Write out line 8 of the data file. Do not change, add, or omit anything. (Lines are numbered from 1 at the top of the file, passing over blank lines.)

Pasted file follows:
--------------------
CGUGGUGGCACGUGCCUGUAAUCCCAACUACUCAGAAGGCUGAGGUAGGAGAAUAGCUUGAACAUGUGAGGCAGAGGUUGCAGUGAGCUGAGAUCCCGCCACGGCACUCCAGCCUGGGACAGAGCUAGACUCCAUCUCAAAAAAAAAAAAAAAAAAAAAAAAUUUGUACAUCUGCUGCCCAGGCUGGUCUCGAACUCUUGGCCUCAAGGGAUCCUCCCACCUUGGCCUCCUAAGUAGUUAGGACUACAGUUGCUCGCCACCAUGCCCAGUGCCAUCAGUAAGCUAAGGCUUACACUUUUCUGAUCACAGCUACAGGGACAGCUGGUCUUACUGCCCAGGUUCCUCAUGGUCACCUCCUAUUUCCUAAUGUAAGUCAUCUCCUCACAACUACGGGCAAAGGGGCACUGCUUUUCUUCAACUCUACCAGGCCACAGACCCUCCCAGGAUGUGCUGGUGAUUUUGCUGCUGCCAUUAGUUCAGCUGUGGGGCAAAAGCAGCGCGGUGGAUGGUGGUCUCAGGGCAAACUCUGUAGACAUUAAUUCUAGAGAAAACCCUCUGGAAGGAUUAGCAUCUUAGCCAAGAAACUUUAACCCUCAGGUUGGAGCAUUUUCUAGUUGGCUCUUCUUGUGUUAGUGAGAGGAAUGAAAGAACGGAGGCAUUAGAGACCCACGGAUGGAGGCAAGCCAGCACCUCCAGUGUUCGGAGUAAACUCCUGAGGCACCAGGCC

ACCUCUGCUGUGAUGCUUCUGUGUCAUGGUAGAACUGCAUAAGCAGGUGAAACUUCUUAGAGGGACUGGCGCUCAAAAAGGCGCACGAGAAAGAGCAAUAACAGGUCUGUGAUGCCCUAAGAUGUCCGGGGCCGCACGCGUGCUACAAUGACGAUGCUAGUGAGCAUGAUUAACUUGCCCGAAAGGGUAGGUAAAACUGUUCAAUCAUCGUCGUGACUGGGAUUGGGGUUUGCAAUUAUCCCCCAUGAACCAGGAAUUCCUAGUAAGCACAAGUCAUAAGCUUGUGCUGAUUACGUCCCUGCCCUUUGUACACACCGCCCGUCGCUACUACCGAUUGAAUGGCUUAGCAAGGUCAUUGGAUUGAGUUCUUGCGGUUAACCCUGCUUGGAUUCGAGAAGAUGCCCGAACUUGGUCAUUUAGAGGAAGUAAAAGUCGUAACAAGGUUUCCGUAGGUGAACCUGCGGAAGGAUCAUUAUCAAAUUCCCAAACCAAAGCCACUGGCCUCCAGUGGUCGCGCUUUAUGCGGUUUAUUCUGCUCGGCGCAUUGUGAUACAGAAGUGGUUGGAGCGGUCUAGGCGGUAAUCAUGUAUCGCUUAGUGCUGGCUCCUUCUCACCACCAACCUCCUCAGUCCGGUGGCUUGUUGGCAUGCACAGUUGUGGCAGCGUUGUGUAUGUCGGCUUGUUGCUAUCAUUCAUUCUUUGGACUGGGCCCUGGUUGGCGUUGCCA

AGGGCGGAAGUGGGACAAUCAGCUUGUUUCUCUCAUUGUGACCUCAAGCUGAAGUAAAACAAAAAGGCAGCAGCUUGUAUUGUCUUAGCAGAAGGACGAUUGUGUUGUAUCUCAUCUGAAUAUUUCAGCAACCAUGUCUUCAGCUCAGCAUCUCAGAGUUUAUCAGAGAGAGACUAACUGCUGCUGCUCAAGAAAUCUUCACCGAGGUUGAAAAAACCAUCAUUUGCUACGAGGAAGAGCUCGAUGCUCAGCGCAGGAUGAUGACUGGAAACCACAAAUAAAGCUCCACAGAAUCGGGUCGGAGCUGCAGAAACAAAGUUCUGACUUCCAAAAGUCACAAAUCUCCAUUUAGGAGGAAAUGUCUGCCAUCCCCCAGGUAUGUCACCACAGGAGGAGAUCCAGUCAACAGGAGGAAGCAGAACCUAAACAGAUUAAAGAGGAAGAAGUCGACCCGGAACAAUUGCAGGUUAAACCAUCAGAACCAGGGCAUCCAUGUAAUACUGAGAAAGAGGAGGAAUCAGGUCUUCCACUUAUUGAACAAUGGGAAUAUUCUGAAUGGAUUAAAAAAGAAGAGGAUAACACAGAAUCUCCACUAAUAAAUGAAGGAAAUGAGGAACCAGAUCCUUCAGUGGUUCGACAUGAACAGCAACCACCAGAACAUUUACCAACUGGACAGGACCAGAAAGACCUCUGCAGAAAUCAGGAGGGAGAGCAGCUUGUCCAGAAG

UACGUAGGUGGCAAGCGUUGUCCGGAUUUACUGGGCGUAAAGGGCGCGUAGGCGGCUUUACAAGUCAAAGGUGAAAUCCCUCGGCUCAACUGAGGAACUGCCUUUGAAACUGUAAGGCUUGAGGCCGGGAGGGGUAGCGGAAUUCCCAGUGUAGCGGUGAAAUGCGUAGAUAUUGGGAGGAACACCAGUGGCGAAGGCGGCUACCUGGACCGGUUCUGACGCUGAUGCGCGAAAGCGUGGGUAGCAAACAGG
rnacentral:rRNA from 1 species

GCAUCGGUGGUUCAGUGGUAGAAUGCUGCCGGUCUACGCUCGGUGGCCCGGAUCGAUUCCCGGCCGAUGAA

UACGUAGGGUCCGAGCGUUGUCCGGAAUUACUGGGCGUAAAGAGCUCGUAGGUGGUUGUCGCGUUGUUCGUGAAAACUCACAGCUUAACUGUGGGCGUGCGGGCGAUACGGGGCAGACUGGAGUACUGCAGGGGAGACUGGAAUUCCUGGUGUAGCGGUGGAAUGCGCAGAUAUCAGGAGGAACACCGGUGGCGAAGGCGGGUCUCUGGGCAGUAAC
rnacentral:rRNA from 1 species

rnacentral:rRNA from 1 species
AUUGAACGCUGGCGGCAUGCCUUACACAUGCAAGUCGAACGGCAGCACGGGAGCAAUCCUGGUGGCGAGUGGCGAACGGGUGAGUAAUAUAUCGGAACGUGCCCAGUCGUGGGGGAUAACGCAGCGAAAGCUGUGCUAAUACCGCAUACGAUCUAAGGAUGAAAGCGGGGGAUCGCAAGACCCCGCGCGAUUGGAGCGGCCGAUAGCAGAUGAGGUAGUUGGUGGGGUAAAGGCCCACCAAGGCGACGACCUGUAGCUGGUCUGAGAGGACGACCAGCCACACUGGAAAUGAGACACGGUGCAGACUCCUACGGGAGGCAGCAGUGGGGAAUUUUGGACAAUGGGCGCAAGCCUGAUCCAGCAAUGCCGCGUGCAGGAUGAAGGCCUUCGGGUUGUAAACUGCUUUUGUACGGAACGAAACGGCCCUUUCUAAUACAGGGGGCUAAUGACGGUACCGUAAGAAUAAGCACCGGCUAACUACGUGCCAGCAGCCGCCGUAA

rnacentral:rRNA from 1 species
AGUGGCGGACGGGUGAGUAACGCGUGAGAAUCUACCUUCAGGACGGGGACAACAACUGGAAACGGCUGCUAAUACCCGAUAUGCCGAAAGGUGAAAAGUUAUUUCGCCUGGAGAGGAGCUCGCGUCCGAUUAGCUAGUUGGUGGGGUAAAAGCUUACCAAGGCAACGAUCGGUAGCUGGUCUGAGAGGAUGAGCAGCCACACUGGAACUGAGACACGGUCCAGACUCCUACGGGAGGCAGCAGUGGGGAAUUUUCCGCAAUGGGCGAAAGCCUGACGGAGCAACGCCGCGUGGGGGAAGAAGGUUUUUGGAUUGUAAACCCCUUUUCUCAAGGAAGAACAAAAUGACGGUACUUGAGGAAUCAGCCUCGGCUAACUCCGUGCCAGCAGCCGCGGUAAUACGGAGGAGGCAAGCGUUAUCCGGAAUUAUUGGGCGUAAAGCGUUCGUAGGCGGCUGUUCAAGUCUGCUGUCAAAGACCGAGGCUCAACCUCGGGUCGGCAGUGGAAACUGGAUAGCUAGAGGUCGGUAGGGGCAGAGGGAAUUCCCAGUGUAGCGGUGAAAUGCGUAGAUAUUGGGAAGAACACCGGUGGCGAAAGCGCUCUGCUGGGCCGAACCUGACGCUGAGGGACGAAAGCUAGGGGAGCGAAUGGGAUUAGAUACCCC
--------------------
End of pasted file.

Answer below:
rnacentral:rRNA from 1 species